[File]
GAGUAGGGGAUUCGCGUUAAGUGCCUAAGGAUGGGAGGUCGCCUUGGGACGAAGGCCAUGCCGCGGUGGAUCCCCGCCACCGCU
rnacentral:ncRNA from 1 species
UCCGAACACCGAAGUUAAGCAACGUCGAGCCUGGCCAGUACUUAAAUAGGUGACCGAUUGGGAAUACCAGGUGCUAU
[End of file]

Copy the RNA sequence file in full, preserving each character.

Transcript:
GAGUAGGGGAUUCGCGUUAAGUGCCUAAGGAUGGGAGGUCGCCUUGGGACGAAGGCCAUGCCGCGGUGGAUCCCCGCCACCGCU
rnacentral:ncRNA from 1 species
UCCGAACACCGAAGUUAAGCAACGUCGAGCCUGGCCAGUACUUAAAUAGGUGACCGAUUGGGAAUACCAGGUGCUAU